In April 2018 Mark Zuckerberg appeared before the US Senate to answer questions on the Cambridge Analytica scandal, Russian interference in the 2016 US presidential election, and whether Facebook now represented a threat to the free world. Traditionally, for any business to be described by its parliament as “a weapon against democracy” would be a bad thing.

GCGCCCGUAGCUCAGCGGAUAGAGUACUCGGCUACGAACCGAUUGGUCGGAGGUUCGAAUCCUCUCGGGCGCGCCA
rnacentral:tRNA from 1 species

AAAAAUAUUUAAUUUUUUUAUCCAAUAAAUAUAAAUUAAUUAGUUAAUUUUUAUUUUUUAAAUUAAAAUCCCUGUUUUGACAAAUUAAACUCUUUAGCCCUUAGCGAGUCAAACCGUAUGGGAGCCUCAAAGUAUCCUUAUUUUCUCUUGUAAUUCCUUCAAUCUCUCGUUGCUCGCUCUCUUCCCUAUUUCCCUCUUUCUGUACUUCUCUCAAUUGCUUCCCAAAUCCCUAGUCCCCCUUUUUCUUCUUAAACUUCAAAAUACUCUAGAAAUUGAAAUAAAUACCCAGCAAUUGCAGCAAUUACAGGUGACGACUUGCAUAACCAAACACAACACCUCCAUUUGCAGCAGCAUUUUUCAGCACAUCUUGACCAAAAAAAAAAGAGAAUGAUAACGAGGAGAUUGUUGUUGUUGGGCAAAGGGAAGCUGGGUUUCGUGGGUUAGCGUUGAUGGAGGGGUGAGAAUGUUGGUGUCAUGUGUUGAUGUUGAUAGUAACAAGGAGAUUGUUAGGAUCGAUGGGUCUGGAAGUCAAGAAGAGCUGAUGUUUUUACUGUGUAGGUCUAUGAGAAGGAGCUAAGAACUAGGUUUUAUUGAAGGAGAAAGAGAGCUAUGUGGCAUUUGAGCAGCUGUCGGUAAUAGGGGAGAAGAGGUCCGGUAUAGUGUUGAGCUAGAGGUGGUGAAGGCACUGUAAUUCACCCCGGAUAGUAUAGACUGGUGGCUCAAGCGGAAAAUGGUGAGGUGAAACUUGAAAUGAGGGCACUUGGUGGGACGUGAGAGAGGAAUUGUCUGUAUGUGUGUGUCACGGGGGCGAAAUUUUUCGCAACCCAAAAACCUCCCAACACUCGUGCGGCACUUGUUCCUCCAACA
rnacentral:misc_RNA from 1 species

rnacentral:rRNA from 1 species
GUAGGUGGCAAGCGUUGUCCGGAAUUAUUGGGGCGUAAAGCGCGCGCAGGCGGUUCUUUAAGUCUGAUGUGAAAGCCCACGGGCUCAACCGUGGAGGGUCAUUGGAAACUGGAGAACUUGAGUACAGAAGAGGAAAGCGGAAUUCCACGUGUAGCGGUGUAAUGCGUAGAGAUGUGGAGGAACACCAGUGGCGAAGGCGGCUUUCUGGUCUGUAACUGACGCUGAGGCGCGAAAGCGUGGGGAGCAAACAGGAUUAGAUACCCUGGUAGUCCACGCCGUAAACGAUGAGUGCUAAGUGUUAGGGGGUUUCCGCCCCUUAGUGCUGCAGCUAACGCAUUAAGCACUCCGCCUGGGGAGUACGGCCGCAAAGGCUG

But for Facebook the opposite was true. As the world watched a pale and contrite Zuckerberg explain whether he had subverted democracy itself, Facebook’s stock rose by 4.5 per cent, its best day’s trading for more than two years. In a single day Zuckerberg’s personal wealth rose by $2.3bn, equivalent to 70,000 years of work on the median American salary.